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The massive bronze doors that lead into Alchemist are designed by Danish artist, Maria Rubinke.

Alchemist

Exclusively offering a 50-course tasting menu, Alchemist has been designed to take diners on both a physical and intellectual journey. Get a peek inside the mysterious bronze doors and experience a restaurant like you have never seen it before. 

Restaurant — Copenhagen
Rasmus Munk and Duncalf Ltd — Photo: Claus Troelsgaard

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HeartOak — Balcony Lounge
Thickness 30 mm. Width 400 mm. Length 2-5 m.
Finish DarkCoco Oil

HeartOak — Wine Cellar
Thickness 30 mm. Width 400 mm. Length 2-5 m.
Finish Natural Oil

HeartOak, Squares in bespoke metal frame — Gallery Room
Thickness 30 mm. Width 500 mm. Length 500 mm. 
Finish Natural Oil

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Alchemy is an ancient practice shrouded in mystery and secrecy. Its practitioners sought to turn lead into gold - a quest that has captured people’s imaginations for thousands of years.

The art of turning lead into gold has yet to be discovered, but Rasmus Munk – the head chef and founder of the Alchemist - has found a way to transform and transcend the nature of food and dining into an experience that goes beyond the plate.

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The biggest dining room at the Alchemist is topped by a huge dome roof measuring 18 metres in diameter.

The dome can be projected with moving images ranging from a sky streaked with beautiful northern lights to a stunning Japanese garden. 

The mythical experience starts on Refshaleøen, an old industrial area in Copenhagen which today sets the scene for food and culture. It might be difficult to know whether you have found Alchemist, were it not for the two tons heavy bronze doors, designed by Danish Artist Maria Rubinke, indicating that you have reached your destination – Copenhagen’s new gourmet restaurant – the most hyped restaurant in the world.

A swarm of enthralling jellyfish floating amongst plastic bags projected at the dome. Much plastic is found in the stomach of cod and this awareness Rasmus has transformed into a dish of grilled cod jaw topped with edible plastic made from cod skin bouillon and served on a platter of plastic gathered from the sea.

Like you have just said a secret password, the doors silently open to the Alchemist, revealing a mysterious, dark room and there is no doubt in your mind that you are about to experience something out of the ordinary.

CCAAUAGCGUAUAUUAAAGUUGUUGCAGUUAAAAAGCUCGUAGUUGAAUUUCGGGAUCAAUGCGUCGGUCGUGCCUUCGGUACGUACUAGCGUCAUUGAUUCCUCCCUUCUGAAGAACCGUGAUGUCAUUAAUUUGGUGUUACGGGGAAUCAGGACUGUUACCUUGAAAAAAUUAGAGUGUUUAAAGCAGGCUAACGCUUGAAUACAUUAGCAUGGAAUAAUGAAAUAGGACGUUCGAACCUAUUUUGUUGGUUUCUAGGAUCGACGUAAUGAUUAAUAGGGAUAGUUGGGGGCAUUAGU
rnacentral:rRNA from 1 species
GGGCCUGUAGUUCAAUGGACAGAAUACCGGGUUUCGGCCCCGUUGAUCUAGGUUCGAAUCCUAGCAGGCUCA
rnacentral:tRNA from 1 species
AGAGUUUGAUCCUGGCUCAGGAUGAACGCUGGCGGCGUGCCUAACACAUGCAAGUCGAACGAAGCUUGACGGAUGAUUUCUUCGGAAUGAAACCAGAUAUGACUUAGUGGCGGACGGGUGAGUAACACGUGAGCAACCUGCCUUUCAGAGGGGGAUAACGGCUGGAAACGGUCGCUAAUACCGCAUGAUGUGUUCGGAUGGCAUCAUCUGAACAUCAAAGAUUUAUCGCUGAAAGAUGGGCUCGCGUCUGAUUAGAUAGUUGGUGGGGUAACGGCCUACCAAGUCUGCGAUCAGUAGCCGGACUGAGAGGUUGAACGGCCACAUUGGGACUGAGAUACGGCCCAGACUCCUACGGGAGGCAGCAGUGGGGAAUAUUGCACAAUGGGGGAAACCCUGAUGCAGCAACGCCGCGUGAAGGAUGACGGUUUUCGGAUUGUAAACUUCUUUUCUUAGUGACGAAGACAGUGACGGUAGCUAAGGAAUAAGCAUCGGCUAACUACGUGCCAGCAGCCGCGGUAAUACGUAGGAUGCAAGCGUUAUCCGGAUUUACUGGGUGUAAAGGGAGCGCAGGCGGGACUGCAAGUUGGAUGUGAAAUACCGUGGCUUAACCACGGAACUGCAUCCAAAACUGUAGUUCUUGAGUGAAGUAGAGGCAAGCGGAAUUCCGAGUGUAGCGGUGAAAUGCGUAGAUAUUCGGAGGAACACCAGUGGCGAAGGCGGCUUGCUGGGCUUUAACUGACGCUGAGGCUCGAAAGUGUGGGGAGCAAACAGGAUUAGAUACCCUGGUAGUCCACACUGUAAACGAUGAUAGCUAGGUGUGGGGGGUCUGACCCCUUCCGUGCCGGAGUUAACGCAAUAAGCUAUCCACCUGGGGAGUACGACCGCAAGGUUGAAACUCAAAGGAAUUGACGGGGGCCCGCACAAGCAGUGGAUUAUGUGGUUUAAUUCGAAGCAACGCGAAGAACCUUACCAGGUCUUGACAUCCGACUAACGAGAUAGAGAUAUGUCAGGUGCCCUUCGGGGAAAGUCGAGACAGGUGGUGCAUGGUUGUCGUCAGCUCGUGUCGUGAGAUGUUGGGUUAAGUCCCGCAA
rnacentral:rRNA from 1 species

Like a labyrinth, guests are guided through up to 50 culinary impressions through a mesh of sensory expressions – all beautifully orchestrated by head chef Rasmus Munk.

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After the dome a lift leads the way up to the balcony lounge area where dessert is served. Here dark HeartOak planks set the scene for a cosy atmosphere.

At age 24, Rasmus Munk opened the first Alchemist restaurant and quickly became famous for his political approach to gastronomy. It could be serving an edible ashtray that set focus on lung cancer or attaching a donor card to a tartare dish so guests could sign up as organ donors. And now, 4 years later, Rasmus Munk is the mastermind behind the version 2.0 of the Alchemist.

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"Our goal at Alchemist is to create a separate and unique universe for our guests. We have chosen to use Dinesen’s HeartOak floors in our wine cellar and balcony lounge to create a warm and welcoming atmosphere that only living materials can create."

Rasmus Munk

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HeartOak Squares laid in a bespoke made metal frame function as the floor in the gallery-style room, where different artists will be invited to create immersive installations. 

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At the time of opening, the gallery-style room was covered in colourful illustrations by New York-based Japanese graffiti artist Lady AIKO, which depict New York street scenes.

It is Munk's vision to use food as a mediator for his message, and he tells his story through food, scenography and sensory expressions as both ethical, political and cultural questions are on the menu.

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HeartOak stair treads connecting the three-storey wine cellar.

Dinesen is proud to take part in setting the frame for this truly extraordinary experience. HeartOak Squares in metal frames greet the guests in the New York room designed by New York-based Japanese graffiti artist Lady AIKO. HeartOak planks adorn the floor in the top balcony lounge area, adding a mysterious ambiance to the beautiful room. Just like HeartOak can be experienced in the extraordinary three-storey wine cellar where it also forms the stairs.

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The floor in the three-storey glass wine cellar is solid Dinesen HeartOak planks. The exclusive wine cellar can hold up to 10,000 bottles.

As a guest, you can also experience The Dinesen Furniture Collection as tables, stools and shelving units decorate the wine cellar, the private dining room and internal meeting room – both in Douglas and Oak, all with a dark finish – adding to the mysterious ambiance of the space. 

If you wish to experience the Alchemist yourself, book here.

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